Excerpt from The Lost Daughter of Happiness by Geling Yan, plus links to reviews, author biography & more

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The Lost Daughter of Happiness

by Geling Yan

The Lost Daughter of Happiness by Geling Yan X
The Lost Daughter of Happiness by Geling Yan
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  • First Published:
    Apr 2001, 288 pages
    May 2002, 288 pages

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A painting on the wall was torn down and the panels behind it pried free to uncover the secret passage.

Someone yelled to the naked girls, Get dressed, quick!

Ah Ding said, No, ifthey're naked, they won't run off on us. He wound his queue onto the top of his head.

The secret passage was only as wide as a square table for eight and six tables long, and everyone was pressing in, skin to skin. Ah Ding was the last to squeeze in. He said to the girls, who were so scared their teeth were chattering, Anyone makes a sound and I'll strangle her. The ceiling reverberated with the clomping of riding boots.

If the four men staging a mahjong game didn't fool the police, the search and ransack would begin. The police knew these auctions usually had a secret passage and they would knock across every inch of the floor and walls until they found it.

Fusang was cradling the bundle--someone had shoved it into her arms in the commotion. The whole building shook with the stomping of boots. The baby burst into wails.

Everyone stopped breathing, lest they add the slightest sound or motion to the place.

Cover its mouth, someone said.

A hand did so, and Fusang could feel the little thing squirming. The owner of the hand crooned, Little ancestor, little ancestor...

But the wailing kept escaping.

The boots came clomping down the stairs.

Ah Ding said, Give me the worthless little wench. His tone was gentle as he crowded his way toward the crying, stepping on the big feet of the men and the little feet of the women.

Don't be too rough, Ah Ding.

Who, me? No way.

Ah Ding, what the hell are you doing?

The group pressed inward, becoming a single slab of flesh.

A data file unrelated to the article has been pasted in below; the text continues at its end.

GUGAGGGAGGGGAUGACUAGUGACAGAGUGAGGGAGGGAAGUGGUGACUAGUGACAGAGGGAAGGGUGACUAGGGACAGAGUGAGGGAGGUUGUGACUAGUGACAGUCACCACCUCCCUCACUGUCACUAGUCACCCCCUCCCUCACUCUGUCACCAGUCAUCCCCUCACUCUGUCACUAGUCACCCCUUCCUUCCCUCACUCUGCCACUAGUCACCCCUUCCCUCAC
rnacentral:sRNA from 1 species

Again Ah Ding said, Anyone who makes a sound I strangle. His tone remained as gentle as before.

His hand cupped the little head precisely, like palming a piece of fruit. Then he pulled it free from the swaddling, his other hand already on the baby's neck. The crying weakened and stopped. The group twitched, then became a slab of dead flesh again.

The boots had reached the basement.

Fusang's feet ached and she wanted to shift her step, but couldn't move, for the tiny corpse was piled still warm at her feet. Standing on the other side of it was Ah Ding.

He pulled a match from his pocket, struck it, and bent down to examine the life he'd just taken. He sighed with satisfaction, then lifted the flame to Fusang's bare leg and raised it all the way up to her face.

The image of Ah Ding flickered behind the flame. Fusang couldn't figure out what he was doing. No one ever knew what it meant when Ah Ding arched an eyebrow.

The match burned down to his fingers, then burned a moment longer before it went out.

you lower your head and watch

those ring-covered fingers pinching the flame shining on the dead little face.

The five-month-old eyes stare at him as if still alive. The little creature is memorizing the handsome face of the man who took her life. Two new baby teeth show between her tiny lips.

Your leg trembles and you want to pull your foot out from under the tiny sacrifice growing heavier and colder there. You realize that the little thing will remember not just Ah Ding but all of you, because when she started crying, every single one of you would have sacrificed her innocent life to preserve your own. Ah Ding was simply the one who acted on everyone's secret wish. In a sense, all of you borrowed Ah Ding's hands to stop it, to kill it, to put a halt to its unwitting betrayal of you.

Don't deny it: Every people must ensure its survival, and so there will always be sacrifices and offerings, times when they kill their own. Of course youcouldn't have been conscious of that secret desire. Ah Ding, however, understood the intimacy of killing one's own.

From The Lost Daughter of Happiness, copyright (c) 2001, Hyperion Press. Reproduced with permission of the publisher. All rights reserved.

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